CLEVELAND -- After 19 long days, the Mariners finally have their best reliever back.
Kendall Graveman was activated from the COVID IL ahead of Friday’s series opener against Cleveland and will return to the bullpen after a nearly month-long hiatus.
“I’m just thankful I'm healthy,” Graveman said at Progressive Field. “It's obviously something that happened, that I didn't necessarily intend to potentially hurt our team competitively. But I think it also gave a lot of guys opportunity to step up and show that they can pitch in the back end of a game. And to me, that's the biggest thing.
“I felt good, I didn't have any symptoms. I felt fine. But over those 10 days, it really rejuvenated the passion of the game, sitting there and watching the guys play, wanting to be there.”
Graveman has been shelved since May 23, including 10 days of quarantine in San Diego, when he and reliever Drew Steckenrider tested positive. The most challenging part of the isolation was being away from his family, with his wife expecting their second child soon.
“The emotions that go along with that, and I'd already been on the road for a little bit,” Graveman said. “And then just her being there with my daughter by herself in Seattle, I think that's big. Anybody in the game understands what the family and the aspect of the family is. And that's a very unique situation to be there by myself in a room.”
Graveman hasn’t pitched in a big league game since May 16. At that time, he had emerged as one of the top relievers in the American League, ranking seventh with 0.7 wins above replacement, per FanGraphs. He’s only given up six hits to 58 batters faced, and he’s yet to surrender a run in 16 2/3 innings across 14 outings.
Do the Mariners anticipate that he’ll return to that elite form immediately? Does he?
“I feel great,” the 30-year-old said. “If anything else, it was kind of a reset.”
Because he was sidelined for so long, Graveman also needed a tune-up assignment at Triple-A Tacoma on Tuesday, when he pitched the seventh inning and gave up one hit, one walk and one run.
“I needed that outing because location is kind of the first thing that goes,” Graveman said. “I thought the stuff was good. The velo was good. But location was missing a little bit. And then I needed those outings to kind of get back to locate the baseball. So, I feel good. I feel ready.”
There’s also the benign tumor near Graveman’s neck that the club has to be cautious about, as well. It’s the primary reason he was moved to a permanent bullpen role last September after five-plus seasons as an effective starter.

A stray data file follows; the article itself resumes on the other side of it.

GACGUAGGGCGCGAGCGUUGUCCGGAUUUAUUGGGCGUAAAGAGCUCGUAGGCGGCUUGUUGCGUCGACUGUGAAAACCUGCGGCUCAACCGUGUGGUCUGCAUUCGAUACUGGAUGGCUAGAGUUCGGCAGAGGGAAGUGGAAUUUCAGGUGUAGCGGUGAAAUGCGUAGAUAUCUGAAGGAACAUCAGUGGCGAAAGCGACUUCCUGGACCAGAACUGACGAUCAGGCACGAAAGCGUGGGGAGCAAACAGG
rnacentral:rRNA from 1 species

But Mariners manager Scott Servais said that the club plans to deploy him in leverage situations right away if they surface.
“I hope he can pick up where he left off,” Servais said. “Certainly, if we’re on the good side of the game tonight and need him in the eighth or ninth inning, he'll be out there. We'll take our chances. The one thing, Gravey has got a little experience. I’d probably feel differently if it was a rookie or a first-year guy.”
Right-hander Justin Dunn (shoulder inflammation) was also activated to start Friday at Progressive Field. In corresponding moves, relievers Yacksel Ríos and Keynan Middleton were optioned to Tacoma, the latter of which came as a somewhat surprising move.
Middleton was merely the odd man out in an eight-man bullpen that has seen JT Chargois, Paul Sewald and Steckenrider emerge as reliable pieces. Each was signed to a Minor League contract ahead of the season, while Middleton was brought in on a Major League deal.
Middleton was tagged for a combined five runs over his past two outings, during one of which he failed to record an out. For the season, he has a 4.42 ERA in 18 1/3 innings over 19 outings.
Graveman said that watching his relief teammates carry the load in his stead gave him at least some solace while being away.
“I knew that our 'pen had a chance to be really deep, but not deep in a sense of a lot of well-known names,” Graveman said. “But it gives a lot of guys an opportunity to showcase their skills at this level. And you start to see guys really kind of pan out and say, ‘Hey, I belong here.’”